10. For the sauce: While the pie bakes, cook the flour in a medium dry skillet over medium heat, stirring frequently, until light golden brown, 3 to 5 minutes. Stir in the chili powder, cumin, and coriander and cook until fragrant, about 30 seconds. Stir in the reserved broth and tomato sauce, bring to a simmer, and cook until thickened, about 2 minutes. Season with salt and pepper to taste.

11. When the pie has cooled, sprinkle it with the cilantro and serve, passing thesauce -separately.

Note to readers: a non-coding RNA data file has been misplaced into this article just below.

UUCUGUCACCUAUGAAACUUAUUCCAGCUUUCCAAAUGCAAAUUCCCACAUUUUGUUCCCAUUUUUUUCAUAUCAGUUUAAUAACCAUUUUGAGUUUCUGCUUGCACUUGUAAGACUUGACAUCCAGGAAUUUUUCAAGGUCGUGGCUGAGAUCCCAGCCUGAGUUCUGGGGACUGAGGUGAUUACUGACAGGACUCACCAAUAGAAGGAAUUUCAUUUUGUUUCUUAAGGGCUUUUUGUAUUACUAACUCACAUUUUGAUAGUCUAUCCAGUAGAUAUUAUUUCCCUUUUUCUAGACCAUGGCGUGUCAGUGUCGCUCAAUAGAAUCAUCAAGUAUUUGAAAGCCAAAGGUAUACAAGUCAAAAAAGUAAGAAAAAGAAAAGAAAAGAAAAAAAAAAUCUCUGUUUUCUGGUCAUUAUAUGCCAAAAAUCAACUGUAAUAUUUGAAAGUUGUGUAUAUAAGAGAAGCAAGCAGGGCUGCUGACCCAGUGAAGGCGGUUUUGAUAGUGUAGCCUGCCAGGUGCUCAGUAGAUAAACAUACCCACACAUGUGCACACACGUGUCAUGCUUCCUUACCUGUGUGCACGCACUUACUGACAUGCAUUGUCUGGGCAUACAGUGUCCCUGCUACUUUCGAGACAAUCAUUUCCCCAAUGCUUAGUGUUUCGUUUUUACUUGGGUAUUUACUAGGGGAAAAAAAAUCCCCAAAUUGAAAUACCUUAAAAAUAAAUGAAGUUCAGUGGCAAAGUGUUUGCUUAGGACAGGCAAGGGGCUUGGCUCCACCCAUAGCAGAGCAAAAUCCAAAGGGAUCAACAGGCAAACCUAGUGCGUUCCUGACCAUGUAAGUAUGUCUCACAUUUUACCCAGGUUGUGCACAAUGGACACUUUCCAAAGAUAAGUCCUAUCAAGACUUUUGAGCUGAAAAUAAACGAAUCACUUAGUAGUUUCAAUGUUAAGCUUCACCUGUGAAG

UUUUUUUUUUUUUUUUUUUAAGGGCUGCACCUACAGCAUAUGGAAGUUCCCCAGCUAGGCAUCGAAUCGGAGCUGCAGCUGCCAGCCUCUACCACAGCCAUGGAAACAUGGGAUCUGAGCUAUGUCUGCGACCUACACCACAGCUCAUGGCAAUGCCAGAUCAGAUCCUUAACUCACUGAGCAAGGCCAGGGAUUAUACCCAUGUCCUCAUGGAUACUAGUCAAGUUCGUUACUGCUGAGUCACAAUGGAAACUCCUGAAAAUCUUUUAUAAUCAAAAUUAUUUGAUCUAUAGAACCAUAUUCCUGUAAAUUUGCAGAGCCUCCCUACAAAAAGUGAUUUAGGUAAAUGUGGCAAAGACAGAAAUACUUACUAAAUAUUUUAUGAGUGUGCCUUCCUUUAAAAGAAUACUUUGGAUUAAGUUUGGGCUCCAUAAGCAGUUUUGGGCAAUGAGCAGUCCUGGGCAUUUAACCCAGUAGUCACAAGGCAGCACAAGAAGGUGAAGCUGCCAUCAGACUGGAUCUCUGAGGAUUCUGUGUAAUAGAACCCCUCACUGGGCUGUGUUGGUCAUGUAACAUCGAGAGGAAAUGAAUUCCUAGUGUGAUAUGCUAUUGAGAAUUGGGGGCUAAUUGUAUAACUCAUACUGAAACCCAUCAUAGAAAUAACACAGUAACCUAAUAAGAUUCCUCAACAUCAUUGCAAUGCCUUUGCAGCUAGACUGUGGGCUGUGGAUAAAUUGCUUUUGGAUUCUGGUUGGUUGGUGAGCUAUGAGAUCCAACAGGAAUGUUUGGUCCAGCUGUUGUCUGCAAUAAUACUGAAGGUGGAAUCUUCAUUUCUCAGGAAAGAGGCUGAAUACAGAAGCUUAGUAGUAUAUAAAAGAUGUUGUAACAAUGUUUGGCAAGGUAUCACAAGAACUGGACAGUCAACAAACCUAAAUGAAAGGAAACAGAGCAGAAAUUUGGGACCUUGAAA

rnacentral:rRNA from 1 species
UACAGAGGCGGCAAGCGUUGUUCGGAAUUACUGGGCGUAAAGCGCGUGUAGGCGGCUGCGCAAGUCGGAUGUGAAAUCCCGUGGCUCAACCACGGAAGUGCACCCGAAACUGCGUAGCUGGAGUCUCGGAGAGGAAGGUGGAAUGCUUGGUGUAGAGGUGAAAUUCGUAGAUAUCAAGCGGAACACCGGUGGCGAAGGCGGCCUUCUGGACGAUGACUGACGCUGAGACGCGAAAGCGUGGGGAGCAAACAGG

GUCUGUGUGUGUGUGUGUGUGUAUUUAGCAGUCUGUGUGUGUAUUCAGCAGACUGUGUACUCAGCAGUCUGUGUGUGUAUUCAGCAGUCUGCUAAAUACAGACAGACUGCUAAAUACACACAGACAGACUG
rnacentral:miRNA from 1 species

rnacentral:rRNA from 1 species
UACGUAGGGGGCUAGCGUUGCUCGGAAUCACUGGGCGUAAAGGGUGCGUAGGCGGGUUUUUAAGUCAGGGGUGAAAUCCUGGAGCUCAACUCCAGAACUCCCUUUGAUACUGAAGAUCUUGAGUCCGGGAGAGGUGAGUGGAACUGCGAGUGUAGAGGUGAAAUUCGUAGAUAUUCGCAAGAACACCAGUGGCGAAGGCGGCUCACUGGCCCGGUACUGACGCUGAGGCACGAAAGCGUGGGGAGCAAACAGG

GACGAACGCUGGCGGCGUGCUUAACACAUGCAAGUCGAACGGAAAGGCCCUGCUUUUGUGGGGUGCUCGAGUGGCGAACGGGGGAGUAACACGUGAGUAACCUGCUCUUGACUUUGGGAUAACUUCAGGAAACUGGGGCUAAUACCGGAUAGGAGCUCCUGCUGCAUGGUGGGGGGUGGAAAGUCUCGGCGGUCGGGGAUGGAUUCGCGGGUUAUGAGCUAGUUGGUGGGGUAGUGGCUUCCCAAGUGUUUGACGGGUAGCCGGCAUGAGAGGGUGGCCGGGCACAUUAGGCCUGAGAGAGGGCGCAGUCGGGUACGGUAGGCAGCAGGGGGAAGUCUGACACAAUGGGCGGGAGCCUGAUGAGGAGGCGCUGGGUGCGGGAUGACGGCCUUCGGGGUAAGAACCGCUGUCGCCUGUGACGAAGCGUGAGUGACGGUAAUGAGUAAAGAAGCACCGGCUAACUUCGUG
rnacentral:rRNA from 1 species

Notes from the Test Kitchen Our test cooks agreed that this recipe beat out any tamale pie casserole we’d had--it has a genuine flavor and texture that is just like taking a bite of a tamale, and an authentic sauce as well. The water bath was a clever technique, as it was a gentle cooking method that kept the sides from drying out and kept the rest of the pie moist and fluffy. We did, however, make afew changes to the original for the sake of convenience. We swapped out the salt pork called for in the original recipe for bacon, since the latter is easier to find for most of us, and we liked the smoky flavor bacon added (though you can certainly use salt pork if you prefer). This recipe calls for bone-in, skin-on chicken thighs, which provide excellent richness, but it will work with white meat chicken too. We recommend using bone-in, -skin-on split breasts forthe best flavor; just reduce the cooking time in step 3 to 20 minutes.